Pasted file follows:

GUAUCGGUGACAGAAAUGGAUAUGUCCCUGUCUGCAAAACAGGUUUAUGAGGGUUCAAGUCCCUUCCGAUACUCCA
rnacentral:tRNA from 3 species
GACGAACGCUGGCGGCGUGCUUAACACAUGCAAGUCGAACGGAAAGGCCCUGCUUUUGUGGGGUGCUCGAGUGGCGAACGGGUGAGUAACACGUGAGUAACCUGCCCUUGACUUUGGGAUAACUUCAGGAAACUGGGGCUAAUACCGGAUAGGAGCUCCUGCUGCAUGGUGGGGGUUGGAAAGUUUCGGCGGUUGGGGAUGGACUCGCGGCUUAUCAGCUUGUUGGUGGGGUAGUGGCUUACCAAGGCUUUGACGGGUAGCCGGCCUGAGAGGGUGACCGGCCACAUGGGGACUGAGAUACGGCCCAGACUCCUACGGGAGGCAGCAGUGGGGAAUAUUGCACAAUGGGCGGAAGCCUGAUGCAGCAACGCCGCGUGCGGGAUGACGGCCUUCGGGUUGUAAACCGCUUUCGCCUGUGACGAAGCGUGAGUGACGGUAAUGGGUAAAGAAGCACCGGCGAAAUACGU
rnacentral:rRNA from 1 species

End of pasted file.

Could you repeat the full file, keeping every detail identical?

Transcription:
GUAUCGGUGACAGAAAUGGAUAUGUCCCUGUCUGCAAAACAGGUUUAUGAGGGUUCAAGUCCCUUCCGAUACUCCA
rnacentral:tRNA from 3 species
GACGAACGCUGGCGGCGUGCUUAACACAUGCAAGUCGAACGGAAAGGCCCUGCUUUUGUGGGGUGCUCGAGUGGCGAACGGGUGAGUAACACGUGAGUAACCUGCCCUUGACUUUGGGAUAACUUCAGGAAACUGGGGCUAAUACCGGAUAGGAGCUCCUGCUGCAUGGUGGGGGUUGGAAAGUUUCGGCGGUUGGGGAUGGACUCGCGGCUUAUCAGCUUGUUGGUGGGGUAGUGGCUUACCAAGGCUUUGACGGGUAGCCGGCCUGAGAGGGUGACCGGCCACAUGGGGACUGAGAUACGGCCCAGACUCCUACGGGAGGCAGCAGUGGGGAAUAUUGCACAAUGGGCGGAAGCCUGAUGCAGCAACGCCGCGUGCGGGAUGACGGCCUUCGGGUUGUAAACCGCUUUCGCCUGUGACGAAGCGUGAGUGACGGUAAUGGGUAAAGAAGCACCGGCGAAAUACGU
rnacentral:rRNA from 1 species